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Long abandoned Boulder building to house businesses and a community
The Mountain iJournals

Long abandoned Boulder building to house businesses and a community

Photo Courtesy Philip Wegener,
Photo Courtesy Philip Wegener,
BOULDER—For months now Christian Macy and Richard Moser have been working, full time, to fill a long-neglected building in downtown Boulder with a community. Construction for three businesses in the building has been ongoing since summer – some of it by volunteers who are enthusiastic about the project.

You know the building, even if you can't picture it right now. Where Broadway and Boulder Creek meet is a three story brick structure beside an outdoor, creek-side patio that's complete with concrete tables. Built to be a candy shop in the early 20th century, the building has since housed an architect, a photography studio, a few pubs and even a disco. Most recently, however, it's been empty – but that's changing.

Now named The Riverside, this building will house three businesses: Fuse, a coworking space; Bite, a restaurant, cafe and co-op; and Agora, an event center. These businesses, while under one corporate structure and physical roof, will also be independent while focused on creating a single community.

"The concept is to enable people to live their lives more intentionally by enabling them to focus on the things they really care about," says Macy, who describes the project as a Life Accelerator. "If you provide all of those things, people can self-actualize."

It's a grand vision, somewhat removed from the reality of renovating an empty building and trying to build a viable business model around it. But that's how Macy speaks about The Riverside – as an ideal and as a community.

And it's hard to ignore his passion.

"I've been focused entirely on this since I quit my job in December 2011," he says. And it's not just him. A community is already forming: 50 volunteers pitched in to remove flooring from Washington School for the building.

"A lot of people are volunteering because they believe that the building is worth more than it's been treated," says Macy. "It's been sitting empty. This has the potential to be a very important space for Boulder, and that's what this is specifically being built for. To us it's the opportunity to create much more value than collecting money."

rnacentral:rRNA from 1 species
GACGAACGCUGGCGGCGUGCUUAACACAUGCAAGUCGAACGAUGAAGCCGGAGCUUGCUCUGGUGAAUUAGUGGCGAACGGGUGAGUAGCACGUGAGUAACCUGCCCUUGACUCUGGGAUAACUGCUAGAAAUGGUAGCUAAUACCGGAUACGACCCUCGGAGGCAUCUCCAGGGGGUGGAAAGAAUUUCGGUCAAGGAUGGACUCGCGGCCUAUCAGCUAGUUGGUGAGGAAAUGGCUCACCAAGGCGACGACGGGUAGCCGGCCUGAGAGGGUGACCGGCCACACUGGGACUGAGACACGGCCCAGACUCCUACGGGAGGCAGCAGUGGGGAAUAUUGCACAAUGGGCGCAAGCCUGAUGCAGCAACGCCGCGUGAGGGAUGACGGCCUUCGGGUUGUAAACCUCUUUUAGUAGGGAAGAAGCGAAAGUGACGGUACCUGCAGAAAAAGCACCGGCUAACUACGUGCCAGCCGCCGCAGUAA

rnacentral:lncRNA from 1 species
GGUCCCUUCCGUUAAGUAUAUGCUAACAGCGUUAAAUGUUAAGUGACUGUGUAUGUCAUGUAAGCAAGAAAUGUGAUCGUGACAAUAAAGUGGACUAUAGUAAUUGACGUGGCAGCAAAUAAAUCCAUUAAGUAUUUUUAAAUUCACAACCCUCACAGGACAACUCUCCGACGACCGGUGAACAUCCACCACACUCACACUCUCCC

The Riverside will, however, need to make money in order to remain open.

"It's an expensive, expensive building to be a part of," says Macy.

There are revenue plans in place already. Fuse, the coworking space, offers membership for $300 a month. Members get access to desks upstairs and (eventually) downstairs, as well as to a library, 24/7.

The completed space on the main floor is available for events right now through Agora.

Bite won't be open for a while – construction's still underway. Even with work being done, however, the building is already regularly in use.

The company is hosting events, including a talk with TechStars co-founder and Foundry managing director Brad Feld on Monday.

"There's a really big focus for me on trying to build community, and sharing knowledge is a huge part of that," says Macy. "The people who want to be a member of this community...these events will resonate with them."

For now the project is still underway – construction won't be over for months. But Macy thinks the community will grow "on a logarithmic scale" as the end of construction approaches.

"We keep building our community, finishing up the space," he says. "The cafe is going to open, not using the full kitchen. Once we have the kitchen up and running then we can start serving food that we made in the cafe."

It's hard work. Following dreams usually is, Macy says.

"The vision is easy," says Macy. "It's always easy to dream. Implementing that dream is pretty hard."

And dreams evolve when they meet reality, he says.

"Recognizing your dream once it's been implemented and it looks nothing like what you've envisioned...that's the hardest part."

Macy, who has a family "and a lot of debt now," considers this past year worthwhile regardless of what happens next.

"The last year has been more inspirational to my life than anything – I feel like I've had a lifetime in that year," he says. "When you believe in something it doesn't matter. You have to be willing to take that risk."
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